How does it feel being back at home? There are always two sides to a coin. It is nice connecting to your home environment with friends and relatives. However, as I felt deeply involved with the people at Camphill Village there is an inner voice telling me that I am missing out as well. The latest news from Camphill is that they had a very successful workshop on their mission and how to develop further. That makes me very happy!
I am about to start a new career and this visual is part of it. How can that be?
In a shop at Addo Elephant Park I found this African symbol which is pointing in all four directions to strength, endurance, capability and confidence. Later on I investigated more on African symbols and got an idea for the logo of my newly founded business. As of today I have my own consultancy: The HR Advisor
It has been an exciting time already preparing this new phase of my life and there is definitely more to come. The project at Camphill has strengthened me and I hope to contribute a lot in my new field of operation.
If you like to explore more about my future endeavors. Here you are:
Sometimes life feels like a series of coincidences. But it isn’t! At least not always. Why not? Sometimes different bits and pieces come together and they make sense. Here is my personal experience.
My “UBUNTU” time in South Africa is drawing to a close and I wondered how to finish off this time in the blog. Then I came across this headline: 2017 – the year of deepening. Where did I read this? In a newsletter from Camphill Village written by the Managing Director where he reflected on my work in Camphill:
“We started 2017 with a deep inward look at ourselves as an organisation. This process was facilitated by Udo Stauber, an HR and organisational development specialist from Germany, who donated a month of his time, and spent time with each member of staff, to gauge where we are as an organisation. This has created a platform from which we can now develop our internal process going forward. ….”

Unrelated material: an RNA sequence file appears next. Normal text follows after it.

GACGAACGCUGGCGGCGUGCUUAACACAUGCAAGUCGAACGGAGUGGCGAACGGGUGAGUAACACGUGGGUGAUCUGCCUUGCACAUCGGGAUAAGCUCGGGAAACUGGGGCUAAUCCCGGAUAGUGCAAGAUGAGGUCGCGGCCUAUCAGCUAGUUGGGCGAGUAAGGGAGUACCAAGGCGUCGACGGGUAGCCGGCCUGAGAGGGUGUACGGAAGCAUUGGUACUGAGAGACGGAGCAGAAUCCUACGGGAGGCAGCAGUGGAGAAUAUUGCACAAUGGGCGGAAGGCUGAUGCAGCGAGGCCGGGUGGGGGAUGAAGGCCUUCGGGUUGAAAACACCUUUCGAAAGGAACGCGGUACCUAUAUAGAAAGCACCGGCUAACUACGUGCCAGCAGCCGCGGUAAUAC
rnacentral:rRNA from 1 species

I immediately recognized parallels to my situation:
2017 started for me with a deep inward look at myself. My time in South Africa has contributed a lot to create my personal platform for the time to come. I had so many thrilling encounters with wonderful strong people and characters from different walks of life, from different cultures and countries which made me quite often aware in which comfortable situation I am. They reemphasized my strong belief that it is up to us to shape our life and to be responsible for what we are doing.
I got deeper involved in topics which I had not been that closely confronted with before. Working and living with intellectually handicapped people is very rewarding and enriches ones life tremendously.
I know South Africa a bit better now. However, there is still a lot to discover for me and to learn.
As of 1 April I start my own consultancy in Germany and my first project seems to be the implementation of a Performance Management System.
My logo includes a symbol from South Africa. In my first blog on1 April I’m gonna explain the story behind the symbol. Stay tuned.
Imagine. It is 6.30 am and you are surrounded by two beautifully looking male lions. A dream, a nightmare or a wish? Neither of the three!
We were facing reality! At least „kind of“…
Have a look for yourself:
This took place in the Addo Elephant Park close to Port Elizabeth in South Africa on a game drive. But back to square one.
Our ranger, a witty, experienced and funny guy, spotted on our route a lion and followed him. We got quite close to him and than he disappeared in the bush. A second ranger with another group who had been informed about the lion’s presence appeared but too late.